Books flew off the shelves and book deals were inked at this year's Singapore Writers Festival, which ended on Sunday.
It was a banner year in terms of attendance. Some 3,000 Festival Passes were sold, according to organisers, which is a significant increase from the roughly 2,300 sold at last year's festival.
The $15 tickets granted access to most of the 200 events over the 10-day programme, which featured 200 authors.
Even separately ticketed events sold out, with 260 people attending workshops, such as one on writing fantasy conducted by Tracy and Laura Hickman, creators of the Dragonlance books, and one on researching historical fiction by heritage buff Kevin Tan.
Some 1,050 people paid $15 to $20 each to attend lectures given by visiting writers such as Nobel Literature Prize laureate Gao Xingjian, British philosopher A.C. Grayling and China-born Jung Chang, author of the best-selling memoir of the Cultural Revolution, Wild Swans.
Festival director Paul Tan, 42, said he was delighted by the turnout, even as more workshops and lectures had been added this year, in accordance with feedback.
"At the end of the day, this is a festival of ideas and a festival for readers. It is gratifying when we succeed in connecting with these readers."
Headline events accessed by the Festival Pass were over-subscribed. Doors to the Binary Pavilion tent on the Singapore Management University green had to be left open to accommodate around 300 fans keen to hear Britain's poet laureate Carol Ann Duffy over the weekend. This led poet Alvin Pang, 41, to call for a larger venue next year. "Carol Ann Duffy could easily have filled venues twice the size," he said, adding that it would also be nice to have a small "green room" just for writers to meet and talk in between sessions.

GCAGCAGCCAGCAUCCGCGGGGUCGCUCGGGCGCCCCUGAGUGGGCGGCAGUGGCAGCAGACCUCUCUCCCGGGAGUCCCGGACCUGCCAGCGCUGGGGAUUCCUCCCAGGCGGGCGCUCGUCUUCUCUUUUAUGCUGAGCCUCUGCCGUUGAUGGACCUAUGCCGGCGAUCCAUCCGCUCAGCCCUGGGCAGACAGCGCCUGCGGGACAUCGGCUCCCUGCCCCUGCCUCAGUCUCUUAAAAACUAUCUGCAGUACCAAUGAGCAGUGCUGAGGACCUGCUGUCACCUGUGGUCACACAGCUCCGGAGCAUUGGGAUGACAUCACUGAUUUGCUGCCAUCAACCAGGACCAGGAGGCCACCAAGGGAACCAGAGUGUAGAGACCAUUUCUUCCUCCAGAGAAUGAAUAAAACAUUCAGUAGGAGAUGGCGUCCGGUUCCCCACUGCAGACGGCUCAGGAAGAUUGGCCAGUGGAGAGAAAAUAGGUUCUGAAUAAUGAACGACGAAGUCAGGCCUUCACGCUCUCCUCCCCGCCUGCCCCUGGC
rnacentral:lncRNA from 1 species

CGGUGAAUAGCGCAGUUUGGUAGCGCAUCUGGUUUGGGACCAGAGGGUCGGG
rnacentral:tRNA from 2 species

It was also standing-room only at a panel featuring Gao, Chinese writer Guo Xiaolu and Singaporean poet-playwright Alfian Sa'at on Sunday as well as at the closing debate later that evening, which was free entry.
The irreverent comic battle between local literary lights was a highlight for many and this year's theme, This House Computes That Singaporeans Are Illiterate Robots, was defended by writers Shamini Flint and Gwee Li Sui and publisher Edmund Wee. Heritage expert Kevin Tan, actress Oniatta Effendi and street-food specialist K.F. Seetoh put forward opposing arguments, while playwright Eleanor Wong moderated.